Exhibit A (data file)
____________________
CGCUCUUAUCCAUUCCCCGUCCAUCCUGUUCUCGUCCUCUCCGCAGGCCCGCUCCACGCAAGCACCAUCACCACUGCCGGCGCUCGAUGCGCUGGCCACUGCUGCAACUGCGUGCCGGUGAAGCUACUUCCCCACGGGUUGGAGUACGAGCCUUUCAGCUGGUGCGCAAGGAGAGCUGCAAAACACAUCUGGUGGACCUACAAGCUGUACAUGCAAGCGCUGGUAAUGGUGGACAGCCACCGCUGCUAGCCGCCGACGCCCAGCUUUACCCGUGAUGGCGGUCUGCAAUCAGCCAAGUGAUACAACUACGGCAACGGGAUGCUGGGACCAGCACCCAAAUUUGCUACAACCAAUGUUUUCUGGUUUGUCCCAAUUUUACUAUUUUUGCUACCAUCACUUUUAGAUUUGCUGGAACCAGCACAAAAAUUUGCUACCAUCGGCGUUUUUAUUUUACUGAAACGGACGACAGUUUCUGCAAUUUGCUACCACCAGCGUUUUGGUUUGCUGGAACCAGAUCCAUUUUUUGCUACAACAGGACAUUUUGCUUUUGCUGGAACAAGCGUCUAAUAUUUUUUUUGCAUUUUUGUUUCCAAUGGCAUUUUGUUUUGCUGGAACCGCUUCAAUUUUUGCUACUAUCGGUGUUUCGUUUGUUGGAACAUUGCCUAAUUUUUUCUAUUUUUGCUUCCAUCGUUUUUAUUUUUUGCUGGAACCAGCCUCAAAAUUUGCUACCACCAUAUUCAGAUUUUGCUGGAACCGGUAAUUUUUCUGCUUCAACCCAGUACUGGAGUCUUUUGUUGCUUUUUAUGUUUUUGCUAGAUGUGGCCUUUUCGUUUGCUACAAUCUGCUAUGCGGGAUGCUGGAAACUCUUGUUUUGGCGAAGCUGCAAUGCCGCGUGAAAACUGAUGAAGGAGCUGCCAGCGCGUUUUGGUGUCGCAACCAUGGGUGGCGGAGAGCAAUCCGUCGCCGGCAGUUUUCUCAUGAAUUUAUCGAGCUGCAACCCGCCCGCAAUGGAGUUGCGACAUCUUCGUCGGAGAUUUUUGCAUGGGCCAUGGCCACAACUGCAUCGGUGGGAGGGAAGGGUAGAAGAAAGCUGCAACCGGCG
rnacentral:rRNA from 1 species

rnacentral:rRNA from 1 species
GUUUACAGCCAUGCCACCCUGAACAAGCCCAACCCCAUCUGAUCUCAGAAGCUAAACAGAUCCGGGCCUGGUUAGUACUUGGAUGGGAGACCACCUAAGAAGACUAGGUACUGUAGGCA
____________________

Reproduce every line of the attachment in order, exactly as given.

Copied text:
CGCUCUUAUCCAUUCCCCGUCCAUCCUGUUCUCGUCCUCUCCGCAGGCCCGCUCCACGCAAGCACCAUCACCACUGCCGGCGCUCGAUGCGCUGGCCACUGCUGCAACUGCGUGCCGGUGAAGCUACUUCCCCACGGGUUGGAGUACGAGCCUUUCAGCUGGUGCGCAAGGAGAGCUGCAAAACACAUCUGGUGGACCUACAAGCUGUACAUGCAAGCGCUGGUAAUGGUGGACAGCCACCGCUGCUAGCCGCCGACGCCCAGCUUUACCCGUGAUGGCGGUCUGCAAUCAGCCAAGUGAUACAACUACGGCAACGGGAUGCUGGGACCAGCACCCAAAUUUGCUACAACCAAUGUUUUCUGGUUUGUCCCAAUUUUACUAUUUUUGCUACCAUCACUUUUAGAUUUGCUGGAACCAGCACAAAAAUUUGCUACCAUCGGCGUUUUUAUUUUACUGAAACGGACGACAGUUUCUGCAAUUUGCUACCACCAGCGUUUUGGUUUGCUGGAACCAGAUCCAUUUUUUGCUACAACAGGACAUUUUGCUUUUGCUGGAACAAGCGUCUAAUAUUUUUUUUGCAUUUUUGUUUCCAAUGGCAUUUUGUUUUGCUGGAACCGCUUCAAUUUUUGCUACUAUCGGUGUUUCGUUUGUUGGAACAUUGCCUAAUUUUUUCUAUUUUUGCUUCCAUCGUUUUUAUUUUUUGCUGGAACCAGCCUCAAAAUUUGCUACCACCAUAUUCAGAUUUUGCUGGAACCGGUAAUUUUUCUGCUUCAACCCAGUACUGGAGUCUUUUGUUGCUUUUUAUGUUUUUGCUAGAUGUGGCCUUUUCGUUUGCUACAAUCUGCUAUGCGGGAUGCUGGAAACUCUUGUUUUGGCGAAGCUGCAAUGCCGCGUGAAAACUGAUGAAGGAGCUGCCAGCGCGUUUUGGUGUCGCAACCAUGGGUGGCGGAGAGCAAUCCGUCGCCGGCAGUUUUCUCAUGAAUUUAUCGAGCUGCAACCCGCCCGCAAUGGAGUUGCGACAUCUUCGUCGGAGAUUUUUGCAUGGGCCAUGGCCACAACUGCAUCGGUGGGAGGGAAGGGUAGAAGAAAGCUGCAACCGGCG
rnacentral:rRNA from 1 species

rnacentral:rRNA from 1 species
GUUUACAGCCAUGCCACCCUGAACAAGCCCAACCCCAUCUGAUCUCAGAAGCUAAACAGAUCCGGGCCUGGUUAGUACUUGGAUGGGAGACCACCUAAGAAGACUAGGUACUGUAGGCA